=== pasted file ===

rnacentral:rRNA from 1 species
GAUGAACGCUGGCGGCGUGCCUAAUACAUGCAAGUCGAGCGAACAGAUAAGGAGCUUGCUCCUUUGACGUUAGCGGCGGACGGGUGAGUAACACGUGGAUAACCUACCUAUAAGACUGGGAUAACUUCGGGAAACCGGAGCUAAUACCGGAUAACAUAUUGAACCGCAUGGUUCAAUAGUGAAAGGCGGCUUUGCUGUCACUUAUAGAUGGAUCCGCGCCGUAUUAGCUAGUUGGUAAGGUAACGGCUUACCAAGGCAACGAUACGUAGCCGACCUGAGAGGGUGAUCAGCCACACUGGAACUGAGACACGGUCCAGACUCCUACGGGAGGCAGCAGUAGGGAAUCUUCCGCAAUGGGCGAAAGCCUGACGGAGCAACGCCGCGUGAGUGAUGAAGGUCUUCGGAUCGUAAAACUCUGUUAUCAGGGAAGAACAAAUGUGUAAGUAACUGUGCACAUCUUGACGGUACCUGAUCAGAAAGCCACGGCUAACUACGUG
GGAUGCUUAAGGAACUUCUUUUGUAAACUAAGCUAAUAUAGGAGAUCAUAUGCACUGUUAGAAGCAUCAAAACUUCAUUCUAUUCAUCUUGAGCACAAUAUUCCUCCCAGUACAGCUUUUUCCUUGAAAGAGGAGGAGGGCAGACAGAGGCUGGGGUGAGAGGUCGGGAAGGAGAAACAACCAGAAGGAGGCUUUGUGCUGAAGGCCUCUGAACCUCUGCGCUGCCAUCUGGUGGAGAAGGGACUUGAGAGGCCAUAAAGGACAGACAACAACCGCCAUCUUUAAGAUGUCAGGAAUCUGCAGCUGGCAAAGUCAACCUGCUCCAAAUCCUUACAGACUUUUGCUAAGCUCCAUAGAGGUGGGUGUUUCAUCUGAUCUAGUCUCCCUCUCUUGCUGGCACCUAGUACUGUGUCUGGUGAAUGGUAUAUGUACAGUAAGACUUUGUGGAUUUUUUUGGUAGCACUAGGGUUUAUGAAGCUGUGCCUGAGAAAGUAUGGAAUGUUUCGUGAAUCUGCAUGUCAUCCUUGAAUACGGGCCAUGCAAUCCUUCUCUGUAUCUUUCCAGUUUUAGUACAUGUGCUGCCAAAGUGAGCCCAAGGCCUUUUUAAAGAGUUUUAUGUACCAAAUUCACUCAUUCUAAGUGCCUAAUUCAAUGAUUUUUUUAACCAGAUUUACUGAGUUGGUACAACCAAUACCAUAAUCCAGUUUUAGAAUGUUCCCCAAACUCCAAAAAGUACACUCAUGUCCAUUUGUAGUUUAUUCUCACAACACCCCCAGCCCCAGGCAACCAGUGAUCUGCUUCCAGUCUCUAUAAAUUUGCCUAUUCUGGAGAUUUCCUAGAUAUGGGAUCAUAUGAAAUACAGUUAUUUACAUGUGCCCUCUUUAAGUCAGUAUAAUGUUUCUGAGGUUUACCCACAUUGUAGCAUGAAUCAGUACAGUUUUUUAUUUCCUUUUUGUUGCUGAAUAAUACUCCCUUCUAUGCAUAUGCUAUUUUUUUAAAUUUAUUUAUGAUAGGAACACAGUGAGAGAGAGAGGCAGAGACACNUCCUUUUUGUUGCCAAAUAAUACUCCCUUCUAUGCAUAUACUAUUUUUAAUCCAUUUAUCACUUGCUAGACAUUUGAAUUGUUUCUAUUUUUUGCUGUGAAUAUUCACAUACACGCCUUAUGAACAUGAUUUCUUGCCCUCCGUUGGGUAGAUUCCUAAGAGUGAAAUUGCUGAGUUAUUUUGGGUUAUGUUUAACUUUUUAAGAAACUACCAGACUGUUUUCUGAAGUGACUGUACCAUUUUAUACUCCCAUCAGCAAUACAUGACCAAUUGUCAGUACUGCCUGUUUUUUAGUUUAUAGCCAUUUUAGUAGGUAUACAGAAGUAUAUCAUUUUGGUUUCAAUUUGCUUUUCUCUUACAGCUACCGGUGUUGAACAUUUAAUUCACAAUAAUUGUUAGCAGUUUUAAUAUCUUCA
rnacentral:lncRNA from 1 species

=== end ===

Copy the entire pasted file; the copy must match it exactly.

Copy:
rnacentral:rRNA from 1 species
GAUGAACGCUGGCGGCGUGCCUAAUACAUGCAAGUCGAGCGAACAGAUAAGGAGCUUGCUCCUUUGACGUUAGCGGCGGACGGGUGAGUAACACGUGGAUAACCUACCUAUAAGACUGGGAUAACUUCGGGAAACCGGAGCUAAUACCGGAUAACAUAUUGAACCGCAUGGUUCAAUAGUGAAAGGCGGCUUUGCUGUCACUUAUAGAUGGAUCCGCGCCGUAUUAGCUAGUUGGUAAGGUAACGGCUUACCAAGGCAACGAUACGUAGCCGACCUGAGAGGGUGAUCAGCCACACUGGAACUGAGACACGGUCCAGACUCCUACGGGAGGCAGCAGUAGGGAAUCUUCCGCAAUGGGCGAAAGCCUGACGGAGCAACGCCGCGUGAGUGAUGAAGGUCUUCGGAUCGUAAAACUCUGUUAUCAGGGAAGAACAAAUGUGUAAGUAACUGUGCACAUCUUGACGGUACCUGAUCAGAAAGCCACGGCUAACUACGUG
GGAUGCUUAAGGAACUUCUUUUGUAAACUAAGCUAAUAUAGGAGAUCAUAUGCACUGUUAGAAGCAUCAAAACUUCAUUCUAUUCAUCUUGAGCACAAUAUUCCUCCCAGUACAGCUUUUUCCUUGAAAGAGGAGGAGGGCAGACAGAGGCUGGGGUGAGAGGUCGGGAAGGAGAAACAACCAGAAGGAGGCUUUGUGCUGAAGGCCUCUGAACCUCUGCGCUGCCAUCUGGUGGAGAAGGGACUUGAGAGGCCAUAAAGGACAGACAACAACCGCCAUCUUUAAGAUGUCAGGAAUCUGCAGCUGGCAAAGUCAACCUGCUCCAAAUCCUUACAGACUUUUGCUAAGCUCCAUAGAGGUGGGUGUUUCAUCUGAUCUAGUCUCCCUCUCUUGCUGGCACCUAGUACUGUGUCUGGUGAAUGGUAUAUGUACAGUAAGACUUUGUGGAUUUUUUUGGUAGCACUAGGGUUUAUGAAGCUGUGCCUGAGAAAGUAUGGAAUGUUUCGUGAAUCUGCAUGUCAUCCUUGAAUACGGGCCAUGCAAUCCUUCUCUGUAUCUUUCCAGUUUUAGUACAUGUGCUGCCAAAGUGAGCCCAAGGCCUUUUUAAAGAGUUUUAUGUACCAAAUUCACUCAUUCUAAGUGCCUAAUUCAAUGAUUUUUUUAACCAGAUUUACUGAGUUGGUACAACCAAUACCAUAAUCCAGUUUUAGAAUGUUCCCCAAACUCCAAAAAGUACACUCAUGUCCAUUUGUAGUUUAUUCUCACAACACCCCCAGCCCCAGGCAACCAGUGAUCUGCUUCCAGUCUCUAUAAAUUUGCCUAUUCUGGAGAUUUCCUAGAUAUGGGAUCAUAUGAAAUACAGUUAUUUACAUGUGCCCUCUUUAAGUCAGUAUAAUGUUUCUGAGGUUUACCCACAUUGUAGCAUGAAUCAGUACAGUUUUUUAUUUCCUUUUUGUUGCUGAAUAAUACUCCCUUCUAUGCAUAUGCUAUUUUUUUAAAUUUAUUUAUGAUAGGAACACAGUGAGAGAGAGAGGCAGAGACACNUCCUUUUUGUUGCCAAAUAAUACUCCCUUCUAUGCAUAUACUAUUUUUAAUCCAUUUAUCACUUGCUAGACAUUUGAAUUGUUUCUAUUUUUUGCUGUGAAUAUUCACAUACACGCCUUAUGAACAUGAUUUCUUGCCCUCCGUUGGGUAGAUUCCUAAGAGUGAAAUUGCUGAGUUAUUUUGGGUUAUGUUUAACUUUUUAAGAAACUACCAGACUGUUUUCUGAAGUGACUGUACCAUUUUAUACUCCCAUCAGCAAUACAUGACCAAUUGUCAGUACUGCCUGUUUUUUAGUUUAUAGCCAUUUUAGUAGGUAUACAGAAGUAUAUCAUUUUGGUUUCAAUUUGCUUUUCUCUUACAGCUACCGGUGUUGAACAUUUAAUUCACAAUAAUUGUUAGCAGUUUUAAUAUCUUCA
rnacentral:lncRNA from 1 species